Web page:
by Jenni Morin
Creatures of the Night, written and directed by Emily Fitzgerald, challenges the resilience of humanity with an intriguing detective’s mystery. Now playing at The Overtime Theater through March 26, SWALDA’s production provides a brief glimpse into the dark underbelly and psychological warfare crime plays on the fabric of civility.
Creatures of the Night follows Private Investigator Annabelle Valentine and her partner Mike Dandy as they embark on pseudo detective work until Dandy’s old flame, Irene Lerad, comes back in town. Wary of Lerad’s connection to organized crime and her unsavory henchwomen, Valentine takes it upon herself to protect Dandy. The mystery deepens as bodies turn up and Valentine and all those she comes in contact with become entrenched in finding the mastermind criminal behind it all.
True to the playwright’s intent, the clues become obvious in retrospect and the play is a success as a mystery. The soliloquy proves an imperative device throughout the script as Valentine analyzes her situation as well as her own psyche. Her fascination with vampires and darkness serves as a great metaphor for describing how “crime leaks vitality” and the possibilities of the uninhibited mirror those of the immortal. While the “don’t let it break you” mantra at times feels overdramatic, its repetition fortifies the play’s conclusion. One atypical notion that perhaps makes the script more thought provoking, but still feels incongruent and far-reaching, is how evil abandons preying on the weak to systematically break stronger souls and then recruit them for an even more unhinged and dangerously loyal army. This frightening strategy serves as a warning amidst current events, from terrorism recruiting to electing the wrong commander in chief, making the play more relevant than perhaps ever intended.
As Valentine, Sarah Nixon Hemmi dutifully led the cast and provided the most developed character, although eye contact during the soliloquies would have been more engaging. Jay Overton as Joe conquered a formidable role, while Miguel Di Costanzo as Mike Dandy and especially Laura Epstein as Aurore Clement were steadfast and convincing in their portrayals. Deborah Basham-Burns’ Piper Prudeaux was the most natural, as Michele Wisniewski certainly captured creepy along with Chelsea Robertson’s unexplainable Jessop. Abbey Storch as Adele Dixon, Justin Keown as Lt. Jefferson Thomas, and Cristina Rodrigez as Irene Lerad rounded out the cast.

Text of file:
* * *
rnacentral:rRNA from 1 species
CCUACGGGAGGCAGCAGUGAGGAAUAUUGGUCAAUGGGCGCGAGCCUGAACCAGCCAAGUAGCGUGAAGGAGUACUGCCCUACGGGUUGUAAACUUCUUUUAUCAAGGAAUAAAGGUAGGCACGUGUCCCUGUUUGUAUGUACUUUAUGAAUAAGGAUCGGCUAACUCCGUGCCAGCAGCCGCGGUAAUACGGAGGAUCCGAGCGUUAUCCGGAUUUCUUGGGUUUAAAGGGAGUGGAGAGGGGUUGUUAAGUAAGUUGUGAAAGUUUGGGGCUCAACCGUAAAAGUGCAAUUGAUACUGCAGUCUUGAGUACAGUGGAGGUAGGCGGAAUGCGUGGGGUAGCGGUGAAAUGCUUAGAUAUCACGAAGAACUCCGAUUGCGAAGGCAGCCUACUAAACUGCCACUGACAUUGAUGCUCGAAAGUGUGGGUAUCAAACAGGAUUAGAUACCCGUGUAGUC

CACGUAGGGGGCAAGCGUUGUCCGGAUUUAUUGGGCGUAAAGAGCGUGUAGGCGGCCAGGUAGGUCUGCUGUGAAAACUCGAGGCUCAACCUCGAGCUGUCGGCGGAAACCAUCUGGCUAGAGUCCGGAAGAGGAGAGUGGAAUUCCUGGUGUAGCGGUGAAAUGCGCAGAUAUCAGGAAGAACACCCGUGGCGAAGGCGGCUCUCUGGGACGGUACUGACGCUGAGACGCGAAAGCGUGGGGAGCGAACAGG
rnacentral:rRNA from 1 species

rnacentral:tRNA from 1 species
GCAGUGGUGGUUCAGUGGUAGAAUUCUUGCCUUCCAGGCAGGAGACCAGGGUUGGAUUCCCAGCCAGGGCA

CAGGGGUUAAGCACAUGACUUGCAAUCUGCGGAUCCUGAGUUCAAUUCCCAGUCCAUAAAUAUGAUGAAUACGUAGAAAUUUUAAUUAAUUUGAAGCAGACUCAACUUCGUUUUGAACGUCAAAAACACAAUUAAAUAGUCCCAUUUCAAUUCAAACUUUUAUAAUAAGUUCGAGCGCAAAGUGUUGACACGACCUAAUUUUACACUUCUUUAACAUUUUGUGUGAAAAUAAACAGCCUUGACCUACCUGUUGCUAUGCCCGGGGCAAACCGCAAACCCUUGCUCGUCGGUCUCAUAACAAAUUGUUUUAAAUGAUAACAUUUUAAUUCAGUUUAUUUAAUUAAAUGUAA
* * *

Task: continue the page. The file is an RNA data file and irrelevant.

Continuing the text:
For her first full-length play, Fitzgerald weaves an interesting tale complete with favorite stock characters of the mystery genre. The lighting was much too bright to evoke a sense of noir, which would have been a welcome technical layer in the production. The lack of intermediary music to cover the scene changes, however, was the most noticeable lost opportunity for foreshadowing, elevating the feeling of suspense, and bridging the scenes. The set by Alex H. Coy IV and Chris Champlin was well-plotted, decorated with detail and gave a framework to the production. Even as the pacing was slower than desirable, the relationships between the characters and the mounting mystery propelled the action to a satisfactory ending.
Fitzgerald’s Creatures of the Night offers an entertaining new twist on the villain and hero dichotomy. Although the Overtime production lacked technical elements and truly gripping characters, it questioned some of the basic perceptions of good and evil in an enjoyable rendition of mystery theatre.
Creatures of the Night plays at The Overtime Theater through March 26 with performances at 8 p.m. on Fridays and Saturdays; 7 p.m. on Sunday, March 6; and 3 p.m. on Sunday, March 20. For more information and to purchase tickets, visit www.theovertimetheater.org.